Most Kentucky residents would not think of getting behind the wheel of their car with a blood alcohol level above the state's .08 percent legal limit, but they may be surprised to learn how much their driving abilities can be compromised by even one or two drinks. A glass of wine, a mug of beer and a shot of liquor all contain about 0.6 ounces of alcohol, which is generally enough to raise the BAC level of a male who weighs 160 pounds by .02 percent, according to the Centers for Disease Control and Prevention.
Even one drink can impair drivers. With a BAC level of .02 percent, motorists may find it difficult to focus on the road ahead or concentrate on more than one thing at a time. At a .05 percent blood alcohol level, coordination and emergency response times are impacted. Motorists at the .08 percent legal limit may find it difficult to judge speeds and distances, and their ability to perceive danger and make appropriate decisions is also likely to be diminished.
According to the CDC, drivers with a blood alcohol level of .10 percent will find it difficult to stay in a single lane and will often apply their brakes either too early or too late. Motorists with a BAC of .15 percent or more are considered significantly impaired by law enforcement. These drivers will have diminished motor control and may find it extremely difficult to keep their balance.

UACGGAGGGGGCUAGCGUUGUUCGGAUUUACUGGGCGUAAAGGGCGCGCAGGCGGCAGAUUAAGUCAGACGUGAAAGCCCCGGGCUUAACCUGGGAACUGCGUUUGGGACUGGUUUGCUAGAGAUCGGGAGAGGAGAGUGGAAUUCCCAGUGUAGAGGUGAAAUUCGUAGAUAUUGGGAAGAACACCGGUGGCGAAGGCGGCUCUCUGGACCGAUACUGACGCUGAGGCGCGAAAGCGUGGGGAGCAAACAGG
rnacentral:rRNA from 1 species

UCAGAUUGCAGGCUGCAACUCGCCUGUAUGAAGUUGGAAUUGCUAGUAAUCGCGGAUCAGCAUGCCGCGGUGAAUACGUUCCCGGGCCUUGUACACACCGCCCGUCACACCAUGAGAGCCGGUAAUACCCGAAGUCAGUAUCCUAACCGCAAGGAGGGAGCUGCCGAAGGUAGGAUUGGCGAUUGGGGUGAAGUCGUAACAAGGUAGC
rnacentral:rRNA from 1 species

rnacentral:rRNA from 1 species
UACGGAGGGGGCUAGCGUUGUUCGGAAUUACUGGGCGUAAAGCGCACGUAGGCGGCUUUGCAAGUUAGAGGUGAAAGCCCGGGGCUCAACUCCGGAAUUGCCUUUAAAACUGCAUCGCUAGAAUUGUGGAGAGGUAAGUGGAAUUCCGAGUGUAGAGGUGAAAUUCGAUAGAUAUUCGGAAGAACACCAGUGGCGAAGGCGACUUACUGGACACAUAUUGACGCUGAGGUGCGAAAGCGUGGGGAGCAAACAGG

Criminal defense attorneys may sometimes choose to challenge the toxicology test results relied upon to establish impairment in a driving under the influence case. Breath testing equipment must be maintained according to strict protocols and regularly calibrated to ensure that it provides accurate results, and even blood tests may be inaccurate in certain situations. There are also medical conditions such as diabetes, hypoglycemia gastro esophageal reflux disorder and that could lead to unreliable BAC results.